In the medieval period there was a religious individualism. The deepest concern of life was the salvation of the individual soul. In the later middle ages, this latent individualism found conscious formulation in the nominalistic philosophies, which treated the structure of knowledge as something built up within the individual through his own acts, and mental states. With the rise of economic and political individualism after the sixteenth century, and with the development of protestantism, the times were ripe for an emphasis upon the rights and duties of the individual in achieving knowledge for himself. This led to the view that knowledge is won wholly through personal and private experiences. As a consequence, mind, the source and possessor of knowledge, was thought of as wholly individual. Thus upon the educational side, we find educational reformers, like Montaigne, Bacon, Locke, henceforth vehemently denouncing all learning which is acquired on hearsay, and asserting that even if beliefs happen to be true, they do not constitute knowledge unless they have grown up in and been tested by personal experience. The reaction against authority in all spheres of life, and the intensity of the struggle, against great odds, for freedom of action and inquiry, led to such an emphasis upon personal observations and ideas as in effect to isolate mind, and set it apart from the world to be known.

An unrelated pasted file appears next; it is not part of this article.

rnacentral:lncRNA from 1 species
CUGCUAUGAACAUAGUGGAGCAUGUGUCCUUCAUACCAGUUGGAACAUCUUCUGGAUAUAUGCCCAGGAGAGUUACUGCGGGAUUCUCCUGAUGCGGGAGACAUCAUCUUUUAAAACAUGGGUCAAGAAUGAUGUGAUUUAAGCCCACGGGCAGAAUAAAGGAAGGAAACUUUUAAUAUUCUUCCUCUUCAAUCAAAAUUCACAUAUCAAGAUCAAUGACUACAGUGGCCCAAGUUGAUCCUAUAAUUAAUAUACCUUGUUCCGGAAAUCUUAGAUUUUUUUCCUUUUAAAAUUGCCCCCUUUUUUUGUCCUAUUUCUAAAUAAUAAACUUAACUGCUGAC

This isolation is reflected in the great development of that branch of philosophy known as epistemology—the theory of knowledge. The identification of mind with the self, and the setting up of the self as something independent and self-sufficient, created such a gulf between the knowing mind and the world that it became a question how knowledge was possible at all. Given a subject—the knower—and an object—the thing to be known—wholly separate from one another, it is necessary to frame a theory to explain how they get into connection with each other so that valid knowledge may result. This problem, with the allied one of the possibility of the world acting upon the mind and the mind acting upon the world, became almost the exclusive preoccupation of philosophic thought. The theories that we cannot know the world as it really is but only the impressions made upon the mind, or that there is no world beyond the individual mind, or that knowledge is only a certain association of the mind's own states, were products of this preoccupation. We are not directly concerned with their truth; but the fact that such desperate solutions were widely accepted is evidence of the extent to which mind had been set over the world of realities. The increasing use of the term 'consciousness' as an equivalent for mind, in the supposition that there is an inner world of conscious states and processes, independent of any relationship to nature and society, an inner world more truly and immediately known than anything else, is evidence of the same fact. In short, practical individualism, or struggle for greater freedom of thought in action, was translated into philosophic subjectivism.